|Photo by Nikki Dobrowolski|
Now as a photograph, Nikki Dobrowolski's shot of a beaver dam on Huzzy Lake does not rank up there with Ansel Adams' "Moon and Half Dome." Though it does has a certain solemnity and quiet power.
Rather it was that it was a dam that caught my attention, first, because you just don't see dams much, Hoover notwithstanding. And second, it was a "dam" as opposed to "damn," which you see, or rather hear, all the time, including every day in the name of this blog.
Which got me playing one of my favorite games: Which usage is older? Dam, the blockage of a body of water, or damn, with that silent "n" creeping in, the condemnation to hell's flame?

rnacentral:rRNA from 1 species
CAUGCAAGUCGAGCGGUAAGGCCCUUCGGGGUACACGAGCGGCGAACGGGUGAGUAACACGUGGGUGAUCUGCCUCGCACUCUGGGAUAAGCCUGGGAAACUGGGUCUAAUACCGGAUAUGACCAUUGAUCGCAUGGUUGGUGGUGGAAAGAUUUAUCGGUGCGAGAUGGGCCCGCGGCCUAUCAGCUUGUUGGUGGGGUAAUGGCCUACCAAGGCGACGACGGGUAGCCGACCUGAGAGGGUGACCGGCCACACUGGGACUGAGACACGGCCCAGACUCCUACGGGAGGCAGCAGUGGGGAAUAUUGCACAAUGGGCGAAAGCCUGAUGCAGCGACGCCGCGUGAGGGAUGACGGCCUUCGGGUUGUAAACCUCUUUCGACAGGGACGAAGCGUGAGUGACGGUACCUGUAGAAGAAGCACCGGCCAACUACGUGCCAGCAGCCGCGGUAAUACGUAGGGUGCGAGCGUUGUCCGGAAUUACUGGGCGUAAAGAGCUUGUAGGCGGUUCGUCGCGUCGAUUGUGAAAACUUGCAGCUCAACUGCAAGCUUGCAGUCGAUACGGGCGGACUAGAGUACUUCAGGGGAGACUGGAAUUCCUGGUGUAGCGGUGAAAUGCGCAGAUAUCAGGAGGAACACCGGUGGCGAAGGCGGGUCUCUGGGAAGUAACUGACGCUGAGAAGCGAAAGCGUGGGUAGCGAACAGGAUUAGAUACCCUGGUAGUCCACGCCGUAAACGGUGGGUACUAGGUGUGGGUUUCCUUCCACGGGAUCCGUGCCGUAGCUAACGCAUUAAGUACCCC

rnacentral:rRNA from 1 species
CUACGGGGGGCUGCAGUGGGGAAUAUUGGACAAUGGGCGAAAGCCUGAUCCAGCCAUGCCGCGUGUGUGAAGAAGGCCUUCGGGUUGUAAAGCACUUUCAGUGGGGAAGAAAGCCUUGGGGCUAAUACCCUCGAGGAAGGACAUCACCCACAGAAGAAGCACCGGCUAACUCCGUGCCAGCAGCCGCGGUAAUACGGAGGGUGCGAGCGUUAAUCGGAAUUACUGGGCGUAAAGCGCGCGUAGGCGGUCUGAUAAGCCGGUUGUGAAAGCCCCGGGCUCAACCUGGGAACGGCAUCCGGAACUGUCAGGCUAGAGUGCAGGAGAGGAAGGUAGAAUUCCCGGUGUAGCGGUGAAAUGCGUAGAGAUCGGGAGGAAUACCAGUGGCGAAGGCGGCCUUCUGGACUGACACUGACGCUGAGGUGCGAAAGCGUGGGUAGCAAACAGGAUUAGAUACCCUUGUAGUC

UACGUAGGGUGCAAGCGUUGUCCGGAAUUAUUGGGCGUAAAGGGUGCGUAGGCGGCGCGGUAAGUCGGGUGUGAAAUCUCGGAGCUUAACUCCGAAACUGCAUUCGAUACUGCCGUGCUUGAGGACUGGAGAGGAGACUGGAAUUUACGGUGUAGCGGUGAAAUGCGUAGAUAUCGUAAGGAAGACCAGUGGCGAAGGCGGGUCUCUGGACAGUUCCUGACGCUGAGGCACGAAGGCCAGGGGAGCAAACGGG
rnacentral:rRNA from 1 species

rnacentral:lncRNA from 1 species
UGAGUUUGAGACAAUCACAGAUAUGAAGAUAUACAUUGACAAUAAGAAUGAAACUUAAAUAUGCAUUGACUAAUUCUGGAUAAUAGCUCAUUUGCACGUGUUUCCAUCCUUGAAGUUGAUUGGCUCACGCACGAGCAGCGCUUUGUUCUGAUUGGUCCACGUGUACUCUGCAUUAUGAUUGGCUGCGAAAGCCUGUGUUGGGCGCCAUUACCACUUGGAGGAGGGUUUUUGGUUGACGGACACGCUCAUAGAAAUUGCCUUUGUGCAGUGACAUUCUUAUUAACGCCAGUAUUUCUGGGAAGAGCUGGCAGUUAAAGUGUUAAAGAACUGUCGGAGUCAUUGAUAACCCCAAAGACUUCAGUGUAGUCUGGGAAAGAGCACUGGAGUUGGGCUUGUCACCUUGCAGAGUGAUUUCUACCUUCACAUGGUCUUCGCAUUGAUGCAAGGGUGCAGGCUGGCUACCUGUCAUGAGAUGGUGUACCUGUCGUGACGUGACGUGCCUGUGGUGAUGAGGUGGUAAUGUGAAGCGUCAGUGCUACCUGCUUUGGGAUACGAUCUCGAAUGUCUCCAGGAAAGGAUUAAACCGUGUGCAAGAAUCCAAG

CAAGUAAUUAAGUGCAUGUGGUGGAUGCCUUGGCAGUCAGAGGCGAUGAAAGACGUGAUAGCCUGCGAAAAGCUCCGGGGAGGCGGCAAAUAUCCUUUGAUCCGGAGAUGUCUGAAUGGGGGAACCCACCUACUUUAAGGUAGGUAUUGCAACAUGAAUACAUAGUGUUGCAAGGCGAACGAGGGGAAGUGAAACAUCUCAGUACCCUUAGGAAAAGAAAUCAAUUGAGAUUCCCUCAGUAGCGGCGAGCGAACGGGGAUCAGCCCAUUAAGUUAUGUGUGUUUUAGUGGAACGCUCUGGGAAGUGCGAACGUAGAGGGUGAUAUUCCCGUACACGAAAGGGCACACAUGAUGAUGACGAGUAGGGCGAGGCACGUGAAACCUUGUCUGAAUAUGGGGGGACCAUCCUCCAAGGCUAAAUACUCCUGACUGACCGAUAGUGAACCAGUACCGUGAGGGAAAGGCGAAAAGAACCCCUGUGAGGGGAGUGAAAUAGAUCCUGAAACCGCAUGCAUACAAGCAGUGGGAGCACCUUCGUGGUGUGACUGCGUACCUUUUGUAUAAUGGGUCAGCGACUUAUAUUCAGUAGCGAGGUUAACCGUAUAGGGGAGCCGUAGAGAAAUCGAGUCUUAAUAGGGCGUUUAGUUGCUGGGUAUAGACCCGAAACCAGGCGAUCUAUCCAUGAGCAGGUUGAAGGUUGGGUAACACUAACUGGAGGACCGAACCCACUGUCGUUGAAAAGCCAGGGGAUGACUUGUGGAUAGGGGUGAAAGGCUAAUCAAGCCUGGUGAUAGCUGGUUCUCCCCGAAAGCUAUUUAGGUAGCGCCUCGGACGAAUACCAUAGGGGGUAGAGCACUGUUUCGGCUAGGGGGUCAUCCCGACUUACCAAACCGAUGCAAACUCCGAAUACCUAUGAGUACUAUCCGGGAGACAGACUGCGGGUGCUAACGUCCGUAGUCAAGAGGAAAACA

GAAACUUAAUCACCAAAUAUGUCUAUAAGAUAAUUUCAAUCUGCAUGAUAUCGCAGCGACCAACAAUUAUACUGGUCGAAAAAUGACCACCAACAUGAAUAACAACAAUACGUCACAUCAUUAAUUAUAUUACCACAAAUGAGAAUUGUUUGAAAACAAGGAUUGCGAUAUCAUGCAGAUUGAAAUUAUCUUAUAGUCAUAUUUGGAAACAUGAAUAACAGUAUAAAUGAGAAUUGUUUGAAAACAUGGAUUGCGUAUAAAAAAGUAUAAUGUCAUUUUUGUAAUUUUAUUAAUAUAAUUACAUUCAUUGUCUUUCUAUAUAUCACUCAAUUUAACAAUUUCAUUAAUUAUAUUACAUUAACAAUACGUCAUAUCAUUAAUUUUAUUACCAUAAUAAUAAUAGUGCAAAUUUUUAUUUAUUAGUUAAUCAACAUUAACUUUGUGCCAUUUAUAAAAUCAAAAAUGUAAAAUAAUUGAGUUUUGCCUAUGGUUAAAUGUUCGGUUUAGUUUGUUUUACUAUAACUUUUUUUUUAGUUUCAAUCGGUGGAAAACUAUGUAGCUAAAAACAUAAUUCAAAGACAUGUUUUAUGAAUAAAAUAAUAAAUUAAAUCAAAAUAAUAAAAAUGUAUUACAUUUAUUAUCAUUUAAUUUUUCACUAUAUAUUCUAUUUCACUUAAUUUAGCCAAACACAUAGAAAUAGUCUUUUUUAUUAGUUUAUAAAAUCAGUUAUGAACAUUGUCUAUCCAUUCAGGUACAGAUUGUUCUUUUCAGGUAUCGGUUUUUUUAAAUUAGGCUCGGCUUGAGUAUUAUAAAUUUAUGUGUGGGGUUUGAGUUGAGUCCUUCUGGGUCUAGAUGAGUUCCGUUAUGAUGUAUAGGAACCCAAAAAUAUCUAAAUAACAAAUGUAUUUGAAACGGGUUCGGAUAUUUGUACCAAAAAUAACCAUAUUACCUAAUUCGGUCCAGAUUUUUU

Turns out to be something of a tie.
The thing that beavers and functioning American governments make goes back at least 700 years, to Old Norse, dammr.
And the condemnation goes back ... about 700 years, to the Old French damner, meaning to condemn, convict, blame, injure. The Latin damnare, "to adjudge guilty, to doom to condemn," is of course much older, but then the Norse predecessors of dammr could go back far too. Not a lot of written records to help us here.
Anyway, speaking of beavers, I'm in the Upper Peninsula, with no idea what, how or if I'm going to be able to post anything tomorrow. We'll just have to see. You should be out enjoying this glorious weekend anyway. I sure am.